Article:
Connected Women Summit

Vodafone Joins Hands With Malala Fund For Female Literacy

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Vodafone Foundation partnered with Malala Fund to invest in new mobile-based literacy and education projects around the globe.

Announcing this, Vodafone said in a release that providing women with greater access to mobile phones and services could lead to a $29 billion increase in annual global productivity from 2020- almost equivalent to the 2012 GDP of Tanzania.

Recently released The Vodafone Connected Women report found that mobile-based literacy programmes could enable 5.3 million women to learn to read by 2020, mainly across the developing countries in which Vodafone operates.

Highlighting the impact of mobile technology on the lives of women around the world, Vodafone Group kick started ‘Connected Women Summit” in London on 3 March 2014.

Reducing female illiteracy in developing countries would empower women to secure new work opportunities with a resultant increase in economic activity totalling $3.4 billion per year from 2020. And, mobile could reduce the number of domestic violence incidents against women in developed markets by a total of 80,000 between 2014 and 2020, the report said.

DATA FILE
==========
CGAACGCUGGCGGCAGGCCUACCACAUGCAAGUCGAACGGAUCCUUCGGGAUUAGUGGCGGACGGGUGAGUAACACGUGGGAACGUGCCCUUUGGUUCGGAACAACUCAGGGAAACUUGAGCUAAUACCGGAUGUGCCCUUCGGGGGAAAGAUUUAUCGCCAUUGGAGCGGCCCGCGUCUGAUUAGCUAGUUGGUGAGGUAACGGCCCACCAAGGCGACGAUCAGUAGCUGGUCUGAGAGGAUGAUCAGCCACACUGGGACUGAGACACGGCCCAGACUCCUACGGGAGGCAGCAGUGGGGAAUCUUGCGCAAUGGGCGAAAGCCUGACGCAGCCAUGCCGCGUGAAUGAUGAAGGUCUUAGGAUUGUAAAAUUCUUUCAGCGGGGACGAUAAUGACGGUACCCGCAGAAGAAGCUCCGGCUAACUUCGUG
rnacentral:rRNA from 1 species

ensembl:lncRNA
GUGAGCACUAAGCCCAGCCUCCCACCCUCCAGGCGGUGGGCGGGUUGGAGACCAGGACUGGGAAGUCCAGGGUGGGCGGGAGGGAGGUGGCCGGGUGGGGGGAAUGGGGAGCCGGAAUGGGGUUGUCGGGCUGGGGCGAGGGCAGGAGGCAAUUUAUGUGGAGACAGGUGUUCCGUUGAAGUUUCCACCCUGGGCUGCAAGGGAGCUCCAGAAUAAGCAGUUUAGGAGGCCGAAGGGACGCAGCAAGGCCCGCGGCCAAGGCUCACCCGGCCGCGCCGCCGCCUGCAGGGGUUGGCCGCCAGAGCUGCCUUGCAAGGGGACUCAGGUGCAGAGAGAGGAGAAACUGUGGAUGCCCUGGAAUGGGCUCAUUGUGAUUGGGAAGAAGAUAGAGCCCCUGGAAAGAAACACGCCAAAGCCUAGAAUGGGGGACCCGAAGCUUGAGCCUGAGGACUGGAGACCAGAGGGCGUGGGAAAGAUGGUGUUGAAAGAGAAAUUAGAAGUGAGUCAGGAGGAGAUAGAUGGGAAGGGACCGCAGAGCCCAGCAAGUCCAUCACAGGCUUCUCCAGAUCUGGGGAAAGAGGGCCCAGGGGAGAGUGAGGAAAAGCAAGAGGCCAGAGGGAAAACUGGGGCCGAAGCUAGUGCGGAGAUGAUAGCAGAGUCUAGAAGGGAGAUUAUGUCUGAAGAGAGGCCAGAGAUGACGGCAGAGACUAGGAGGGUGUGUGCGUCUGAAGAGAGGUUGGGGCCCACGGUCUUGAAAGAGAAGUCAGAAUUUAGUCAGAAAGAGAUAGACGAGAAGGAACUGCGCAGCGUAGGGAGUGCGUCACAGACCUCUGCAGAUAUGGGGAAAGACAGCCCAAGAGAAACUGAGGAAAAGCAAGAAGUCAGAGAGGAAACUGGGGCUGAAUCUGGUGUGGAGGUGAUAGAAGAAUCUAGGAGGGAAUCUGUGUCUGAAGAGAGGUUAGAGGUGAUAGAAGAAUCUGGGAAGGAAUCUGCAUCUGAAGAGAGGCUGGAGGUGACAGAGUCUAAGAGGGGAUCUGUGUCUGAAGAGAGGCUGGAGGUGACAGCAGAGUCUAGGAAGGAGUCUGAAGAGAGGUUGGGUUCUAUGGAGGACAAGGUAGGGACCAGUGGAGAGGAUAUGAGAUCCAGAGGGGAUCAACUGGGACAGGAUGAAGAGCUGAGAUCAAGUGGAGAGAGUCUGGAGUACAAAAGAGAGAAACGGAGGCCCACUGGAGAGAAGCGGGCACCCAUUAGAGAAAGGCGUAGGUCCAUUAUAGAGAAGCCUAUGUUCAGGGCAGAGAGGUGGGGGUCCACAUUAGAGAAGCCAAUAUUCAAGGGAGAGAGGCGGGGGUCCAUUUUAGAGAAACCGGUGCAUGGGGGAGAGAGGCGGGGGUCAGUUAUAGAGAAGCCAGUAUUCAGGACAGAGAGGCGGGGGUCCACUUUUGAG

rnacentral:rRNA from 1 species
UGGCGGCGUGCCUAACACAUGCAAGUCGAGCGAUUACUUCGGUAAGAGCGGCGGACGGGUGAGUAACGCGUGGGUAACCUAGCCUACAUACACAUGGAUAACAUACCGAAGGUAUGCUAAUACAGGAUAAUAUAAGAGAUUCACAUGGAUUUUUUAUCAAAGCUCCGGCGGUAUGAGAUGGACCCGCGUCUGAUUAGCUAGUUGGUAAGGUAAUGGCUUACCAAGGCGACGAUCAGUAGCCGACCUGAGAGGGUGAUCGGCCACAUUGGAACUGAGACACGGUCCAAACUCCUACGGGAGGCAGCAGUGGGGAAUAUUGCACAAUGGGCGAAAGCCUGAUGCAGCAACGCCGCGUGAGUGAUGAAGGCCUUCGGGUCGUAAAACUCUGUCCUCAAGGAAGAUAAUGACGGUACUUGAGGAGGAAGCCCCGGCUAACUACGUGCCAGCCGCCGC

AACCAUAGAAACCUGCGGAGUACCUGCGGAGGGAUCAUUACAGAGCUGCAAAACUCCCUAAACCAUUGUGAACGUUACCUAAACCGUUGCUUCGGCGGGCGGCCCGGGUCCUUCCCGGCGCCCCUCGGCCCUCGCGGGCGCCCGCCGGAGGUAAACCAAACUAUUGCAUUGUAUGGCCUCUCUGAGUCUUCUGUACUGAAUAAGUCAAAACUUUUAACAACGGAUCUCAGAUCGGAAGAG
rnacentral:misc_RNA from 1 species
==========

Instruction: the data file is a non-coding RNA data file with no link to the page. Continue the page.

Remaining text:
Andrew Dunnett, Director, Vodafone Foundation, said, “Getting a mobile for the first time can change a woman’s life forever, and – as the Vodafone Connected Women report demonstrates – preventing the gender gap from widening would yield a significant economic benefit.  We look forward to working with the Malala Fund to give more women the knowledge and skills to take greater control of their lives and increase their participation in the workforce.”

Regarding the safety of women, the report claimed that mobile-based alert systems could reduce the number of domestic violence incidents against women by a total of 80,000 by 2020 if they were made more widely available by local police services.

In addition to the broader positive social and cultural impact of reducing the number of domestic assaults against women, according to the report, greater use of mobile technology in violence prevention would also generate an annual economic impact of $800 million in 2020 through reduced healthcare, security and legal costs and enhanced productivity as women under threat remained fully able to participate in the workforce.

Wahengbam Rorrkychand

View all contributions by Wahengbam Rorrkychand


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